several critical aspects of cell physiology. PLD, which
catalyzes the hydrolysis of phosphatidylcholine (PC) to
phosphatidic acid (PA) and choline, is activated in
response to stimulators of vesicle transport, endocytosis,
exocytosis, cell migration, and mitosis. Dysregulation
of these cell biological processes occurs in the
development of a variety of human tumors. It has now
been observed that there are abnormalities in PLD
expression and activity in many human cancers. In this
review, evidence is summarized implicating PLD as a
critical regulator of cell proliferation, survival signaling,
cell transformation, and tumor progression.

Kegg Pathway: Glycerophospholipid metabolism - Homo sapiens

Phospholipids synthesis and cell cycle

Relationship between phospholipid metabolism and the cell cycle. G1 phase is characterized by a high rate of PtdCho degradation and resynthesis that is dependent on growth factor and terminates at the G1/S boundary. Doubling of the phospholipid mass occurs in S phase due to continued phospholipid synthesis but with drastically reduced phospholipid turnover. The turnover of nuclear polyphosphoinositides is an additional S phase event that may be a component of a regulatory network that governs DNA replication. The G2 and M phases are characterized by the cessation of phospholipid metabolism.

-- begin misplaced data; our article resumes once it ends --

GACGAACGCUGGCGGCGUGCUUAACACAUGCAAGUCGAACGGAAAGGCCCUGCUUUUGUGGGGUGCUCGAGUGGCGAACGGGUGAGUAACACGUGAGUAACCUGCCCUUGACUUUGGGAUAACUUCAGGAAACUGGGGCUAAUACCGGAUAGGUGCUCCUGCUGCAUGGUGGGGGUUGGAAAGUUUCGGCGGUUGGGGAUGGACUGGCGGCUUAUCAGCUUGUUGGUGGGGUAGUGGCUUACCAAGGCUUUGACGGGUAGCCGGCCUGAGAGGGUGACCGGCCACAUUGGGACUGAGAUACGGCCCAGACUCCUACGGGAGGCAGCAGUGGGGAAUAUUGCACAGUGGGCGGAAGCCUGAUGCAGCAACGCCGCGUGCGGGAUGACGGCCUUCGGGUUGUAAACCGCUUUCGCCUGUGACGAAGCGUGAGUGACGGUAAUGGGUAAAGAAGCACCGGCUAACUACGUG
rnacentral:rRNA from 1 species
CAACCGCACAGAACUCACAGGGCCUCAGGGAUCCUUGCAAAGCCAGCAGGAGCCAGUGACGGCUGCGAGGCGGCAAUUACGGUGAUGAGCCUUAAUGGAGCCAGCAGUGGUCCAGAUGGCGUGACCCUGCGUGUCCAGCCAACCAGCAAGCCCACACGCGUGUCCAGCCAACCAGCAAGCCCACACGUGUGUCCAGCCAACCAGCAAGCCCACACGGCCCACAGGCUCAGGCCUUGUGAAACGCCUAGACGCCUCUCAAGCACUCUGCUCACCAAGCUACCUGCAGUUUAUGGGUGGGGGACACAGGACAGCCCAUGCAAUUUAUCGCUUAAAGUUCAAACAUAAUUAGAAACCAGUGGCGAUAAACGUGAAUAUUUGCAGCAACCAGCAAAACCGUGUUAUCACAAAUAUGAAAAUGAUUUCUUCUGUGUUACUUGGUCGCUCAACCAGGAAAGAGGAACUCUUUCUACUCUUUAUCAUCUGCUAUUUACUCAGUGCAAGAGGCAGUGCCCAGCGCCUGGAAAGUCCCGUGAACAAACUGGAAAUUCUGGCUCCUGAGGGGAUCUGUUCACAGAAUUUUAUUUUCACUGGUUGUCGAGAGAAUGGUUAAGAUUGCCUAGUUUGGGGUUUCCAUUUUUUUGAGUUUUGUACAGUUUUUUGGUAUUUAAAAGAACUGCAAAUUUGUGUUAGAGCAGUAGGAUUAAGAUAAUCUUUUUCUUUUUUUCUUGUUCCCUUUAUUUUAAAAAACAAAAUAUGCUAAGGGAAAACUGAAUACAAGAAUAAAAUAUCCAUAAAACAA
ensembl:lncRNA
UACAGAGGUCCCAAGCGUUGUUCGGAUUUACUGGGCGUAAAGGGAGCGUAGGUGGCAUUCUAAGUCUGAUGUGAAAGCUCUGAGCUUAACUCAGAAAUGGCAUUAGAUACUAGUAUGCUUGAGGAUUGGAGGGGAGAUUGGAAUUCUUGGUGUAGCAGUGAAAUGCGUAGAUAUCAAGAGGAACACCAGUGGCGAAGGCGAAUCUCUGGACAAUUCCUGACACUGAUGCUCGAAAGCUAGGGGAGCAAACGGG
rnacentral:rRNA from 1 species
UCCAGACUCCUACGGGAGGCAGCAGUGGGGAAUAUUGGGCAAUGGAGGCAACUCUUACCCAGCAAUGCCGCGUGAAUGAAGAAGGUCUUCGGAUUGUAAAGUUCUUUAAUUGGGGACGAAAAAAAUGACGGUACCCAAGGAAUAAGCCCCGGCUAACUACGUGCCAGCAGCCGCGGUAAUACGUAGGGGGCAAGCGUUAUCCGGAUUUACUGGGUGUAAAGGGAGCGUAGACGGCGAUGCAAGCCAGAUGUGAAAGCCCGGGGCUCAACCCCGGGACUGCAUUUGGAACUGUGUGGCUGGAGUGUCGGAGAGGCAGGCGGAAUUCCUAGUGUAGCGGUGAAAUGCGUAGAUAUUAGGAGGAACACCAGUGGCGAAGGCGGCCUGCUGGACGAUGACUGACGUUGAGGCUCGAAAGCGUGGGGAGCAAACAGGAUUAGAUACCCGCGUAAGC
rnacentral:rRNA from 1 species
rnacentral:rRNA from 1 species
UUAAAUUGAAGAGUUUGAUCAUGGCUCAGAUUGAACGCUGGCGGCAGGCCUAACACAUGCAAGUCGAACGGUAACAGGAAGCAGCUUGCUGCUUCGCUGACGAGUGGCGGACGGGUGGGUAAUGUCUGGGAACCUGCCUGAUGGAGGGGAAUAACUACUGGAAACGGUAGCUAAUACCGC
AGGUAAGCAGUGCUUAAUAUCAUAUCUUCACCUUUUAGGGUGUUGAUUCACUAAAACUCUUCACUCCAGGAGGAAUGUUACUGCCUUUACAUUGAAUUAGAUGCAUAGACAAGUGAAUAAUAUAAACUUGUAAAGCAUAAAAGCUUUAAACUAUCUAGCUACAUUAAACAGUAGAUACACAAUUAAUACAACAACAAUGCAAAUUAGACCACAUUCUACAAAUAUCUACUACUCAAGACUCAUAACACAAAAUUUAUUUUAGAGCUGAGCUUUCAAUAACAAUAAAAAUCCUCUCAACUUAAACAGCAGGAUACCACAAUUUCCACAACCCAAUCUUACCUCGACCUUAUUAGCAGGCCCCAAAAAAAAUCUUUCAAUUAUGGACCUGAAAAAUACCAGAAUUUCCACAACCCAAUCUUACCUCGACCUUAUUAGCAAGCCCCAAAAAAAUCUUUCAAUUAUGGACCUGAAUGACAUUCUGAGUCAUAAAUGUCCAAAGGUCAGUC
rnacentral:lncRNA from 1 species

Cellular localization

Phosphatidylcholine and phosphatidylethanolamine are the two main phospholipids in eukaryotic
cells comprising 50 and 25% of phospholipid mass, respectively. Phosphatidylcholine is synthesized almost exclusively through the CDP-choline pathway in essentially all mammalian cells. Phosphatidylethanolamine is synthesized through either the CDP-ethanolamine pathway or by the decarboxylation of phosphatidylserine, with the contribution of each pathway being cell type dependent. Two human genes, CEPT1 and CPT1, code for the total compliment of activities that directly synthesize phosphatidylcholine and phosphatidylethanolamine through the CDP-alcohol pathways. CEPT1 transfers a phosphobase from either CDP-choline or CDP-ethanolamine to diacylglycerol to synthesize both phosphatidylcholine and phosphatidylethanolamine, whereas CPT1 synthesizes phosphatidylcholine
exclusively. We show through immunofluorescence that brefeldin A treatment relocalizes
CPT1, but not CEPT1, implying CPT1 is found in the Golgi. A combination of oimmunofluorescence and subcellular fractionation experiments with various endoplasmic reticulum, Golgi, and nuclear markers confirmed that CPT1 was found in the Golgi and CEPT1 was found in both the endoplasmic reticulum and nuclear membranes. The rate-limiting step for phosphatidylcholine synthesis is catalyzed by the amphitropic CTP:phosphocholine cytidylyltransferase , which is found in the nucleus in most cell types. CTP:phosphocholine cytidylyltransferase is found immediately upstream cholinephosphotransferase,
and it translocates from a soluble nuclear location to the nuclear membrane in